Field of Science

DMSO to SAHA: Questions of toxicity

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I alluded in the last post to Breslow and Friend's discovery of DMSO as a HDAC (histone deacetylase) targeting agent. The story of how such a simple molecule was made into a putative drug deserves a closer look. The Nature Biotechnology paper that was cited in the last post contains most of the details. Suffice it to say here that the following points were noted.

DMSO was postulated to bind to a metal ion. Since Zn-heteroatom interactions are well known, another known sulfur binding moiety (look here for Whistling's list of zinc binding organic motifs), hydroxamic acid, was modified after some SAR studies to give the end molecule. One of the interesting steps in the lead optimization was the simple observation that it was unlikely that there were two metal ions in the same active site which bound to two hydroxamic acid groupings. So instead, one hydroxamic acid grouping was converted into a phenyl ring to gain binding affinity from hydrophobic binding. As the picture above shows, the drug now nicely fits into the active site, with the expected metal-hydroxamic acid interaction.

A journal club meeting member realised that SAHA's structure was similar to that of TSA (trichostatin A shown above), which was known to modulate HDACs. Thus came the hypothesis, later validated, that SAHA binds to HDACs. The details however are not yet clear, as HDAC interaction leads to a cascade of different events, and there are a dozen HDACs which are crucial for transcription.

There is one paragraph in the paper however, which I don't completely agree with. The authors were testing a few analogs, and came up with a branched structure with two hydrophobic rings that was much more potent than SAHA. However, it was later found to be quite toxic. While the authors make a good point that increased potency (increased binding affinity) can translate into greater toxicity because of continuous target activation, they also say:
"SAHA has hit the happy medium. It is potent enough to be useful and tolerated in patients. If the dosing is intermittent, such as not to maintain a continuous ‘therapeutic’ level of SAHA, it can be released from the binding site periodically so as to allow the deacetylation activities in cells. This is a general consideration, which could well be true of many other medicinal compounds. Thus, it is probably a mistake for medicinal chemists to set out first to find the most potent compound they can achieve in a series and then to look at any question of toxicity, as is often done."
The first thought that came to my mind after reading this was; this can't be quite right. Aren't some of the best-selling drugs of all time both highly potent and not particularly toxic? Toxicity and potency cannot always coincide.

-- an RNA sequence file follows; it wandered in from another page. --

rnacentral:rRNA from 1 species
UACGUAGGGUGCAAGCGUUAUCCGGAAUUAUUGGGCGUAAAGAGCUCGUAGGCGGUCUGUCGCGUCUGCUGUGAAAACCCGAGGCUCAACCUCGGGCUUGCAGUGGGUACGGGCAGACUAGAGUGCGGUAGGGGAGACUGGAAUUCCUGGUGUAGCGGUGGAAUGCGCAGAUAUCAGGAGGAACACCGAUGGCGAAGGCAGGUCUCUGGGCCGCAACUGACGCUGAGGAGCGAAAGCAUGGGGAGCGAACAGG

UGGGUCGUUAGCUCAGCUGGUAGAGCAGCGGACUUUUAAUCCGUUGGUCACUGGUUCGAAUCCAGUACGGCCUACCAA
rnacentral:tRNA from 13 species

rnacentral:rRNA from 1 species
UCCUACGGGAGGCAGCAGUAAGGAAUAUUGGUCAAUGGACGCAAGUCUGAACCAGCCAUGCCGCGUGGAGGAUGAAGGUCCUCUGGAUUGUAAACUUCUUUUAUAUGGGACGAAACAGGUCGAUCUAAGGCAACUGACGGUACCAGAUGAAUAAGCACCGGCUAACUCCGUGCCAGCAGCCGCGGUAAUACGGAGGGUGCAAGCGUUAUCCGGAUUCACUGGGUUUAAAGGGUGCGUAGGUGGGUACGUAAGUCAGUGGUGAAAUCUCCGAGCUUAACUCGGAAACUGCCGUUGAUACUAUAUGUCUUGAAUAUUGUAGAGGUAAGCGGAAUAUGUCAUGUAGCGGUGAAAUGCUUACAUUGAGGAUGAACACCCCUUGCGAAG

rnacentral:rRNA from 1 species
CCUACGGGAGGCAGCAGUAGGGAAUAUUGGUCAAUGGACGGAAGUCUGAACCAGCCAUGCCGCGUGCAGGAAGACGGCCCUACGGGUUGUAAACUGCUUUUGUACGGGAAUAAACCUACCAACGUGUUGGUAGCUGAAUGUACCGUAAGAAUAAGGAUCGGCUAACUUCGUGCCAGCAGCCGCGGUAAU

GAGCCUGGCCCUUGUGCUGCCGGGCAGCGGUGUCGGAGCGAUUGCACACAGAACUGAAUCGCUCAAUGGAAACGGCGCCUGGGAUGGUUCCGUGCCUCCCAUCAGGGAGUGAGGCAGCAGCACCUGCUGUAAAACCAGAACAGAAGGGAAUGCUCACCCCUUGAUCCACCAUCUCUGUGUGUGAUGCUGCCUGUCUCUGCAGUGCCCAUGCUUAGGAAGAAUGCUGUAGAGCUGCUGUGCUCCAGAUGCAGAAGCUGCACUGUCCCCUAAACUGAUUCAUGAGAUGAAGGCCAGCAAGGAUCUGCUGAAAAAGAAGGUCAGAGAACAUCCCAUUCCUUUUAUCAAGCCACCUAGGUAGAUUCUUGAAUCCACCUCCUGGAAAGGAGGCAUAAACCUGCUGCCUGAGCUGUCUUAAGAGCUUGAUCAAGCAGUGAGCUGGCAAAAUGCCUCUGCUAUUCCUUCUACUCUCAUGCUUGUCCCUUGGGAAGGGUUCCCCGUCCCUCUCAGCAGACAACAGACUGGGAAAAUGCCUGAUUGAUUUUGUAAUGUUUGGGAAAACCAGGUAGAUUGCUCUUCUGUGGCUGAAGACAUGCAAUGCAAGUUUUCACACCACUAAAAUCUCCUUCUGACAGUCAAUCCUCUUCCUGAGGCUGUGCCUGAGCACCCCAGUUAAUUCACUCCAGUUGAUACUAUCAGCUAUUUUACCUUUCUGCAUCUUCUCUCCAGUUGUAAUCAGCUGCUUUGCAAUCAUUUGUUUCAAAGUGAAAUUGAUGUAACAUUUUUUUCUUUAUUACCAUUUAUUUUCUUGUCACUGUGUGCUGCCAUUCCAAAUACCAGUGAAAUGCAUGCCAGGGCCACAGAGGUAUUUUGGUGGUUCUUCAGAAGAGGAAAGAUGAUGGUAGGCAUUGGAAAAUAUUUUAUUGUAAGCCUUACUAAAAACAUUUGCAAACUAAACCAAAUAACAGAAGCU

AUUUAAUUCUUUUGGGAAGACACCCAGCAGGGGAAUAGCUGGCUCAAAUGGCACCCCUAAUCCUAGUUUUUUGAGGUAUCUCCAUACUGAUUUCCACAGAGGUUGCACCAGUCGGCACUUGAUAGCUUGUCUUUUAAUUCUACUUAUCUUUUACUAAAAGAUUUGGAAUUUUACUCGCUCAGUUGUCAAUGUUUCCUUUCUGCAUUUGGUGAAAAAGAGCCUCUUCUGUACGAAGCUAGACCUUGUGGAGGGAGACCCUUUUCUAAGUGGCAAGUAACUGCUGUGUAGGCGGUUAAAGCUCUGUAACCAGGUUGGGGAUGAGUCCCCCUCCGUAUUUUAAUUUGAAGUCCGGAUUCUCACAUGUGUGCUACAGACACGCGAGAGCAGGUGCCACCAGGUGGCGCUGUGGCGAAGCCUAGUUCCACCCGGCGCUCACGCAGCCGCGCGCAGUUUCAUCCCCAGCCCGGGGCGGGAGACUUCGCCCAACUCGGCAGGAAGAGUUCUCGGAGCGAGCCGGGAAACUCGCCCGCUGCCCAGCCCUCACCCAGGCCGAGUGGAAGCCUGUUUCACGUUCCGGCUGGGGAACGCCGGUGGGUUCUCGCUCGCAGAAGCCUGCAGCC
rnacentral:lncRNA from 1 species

I think there are two issues here. First is the fact that 'toxicity is in the eye of the beholder'. Cancer drugs are some of the most toxic drugs ever produced, but they are tolerated because of their essential requirement. So toxicity is a relative phenomenon whose impact has to be judged based on the disease. Secondly, even for very potent compounds, toxicity will depend on the exact nature of the target modulated, and its role in life processes. There may be a target like HDAC which plays a central role in the crucial process of transcription. You wouldn't want to keep this target activated/deactivated for too long. On the other hand, there might be another target which could be activated or deactivated for relatively longer periods because of its less sensitive nature and role in metabolism. So while the opinion of Breslow et al. is not wrong, it misses the other big part of the picture- the protein- on whose nature toxicity will depend too.

Least favourite NMR solvent, but a swell liquid nonetheless

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Coronene has a poll on what everyone's least favourite NMR solvent is. I have not used all the solvents on the list, but among the ones I have used, DMSO was probably my least favourite, as it also seems to be for others taking the poll.

In my case, the reason was specific. I needed to do NOESY spectroscopy on a degassed, sealed sample. And even ice kept freezing up the DMSO when we were connecting it to the vacuum. For CDCl3, we could happily use lig. N2 and be happy, but not so for DMSO; we had to patiently do the degassing for almost half an hour. In addition, DMSO is viscous and radically changes the tumbling of molecules, causes aggregation and hydrogen bonding etc. Needless to say, one has to re-experiment with his/her NOESY parameters.

On the other hand, it is instructive to see what a great molecule DMSO is for biological applications. It can be used as a drug-delivery vehicle, although this use is debated. DMSO is widely used as a cryo-protectant, and the serine protease inhibitor PMSF is dissolved in DMSO as it will naturally get inactivated in water.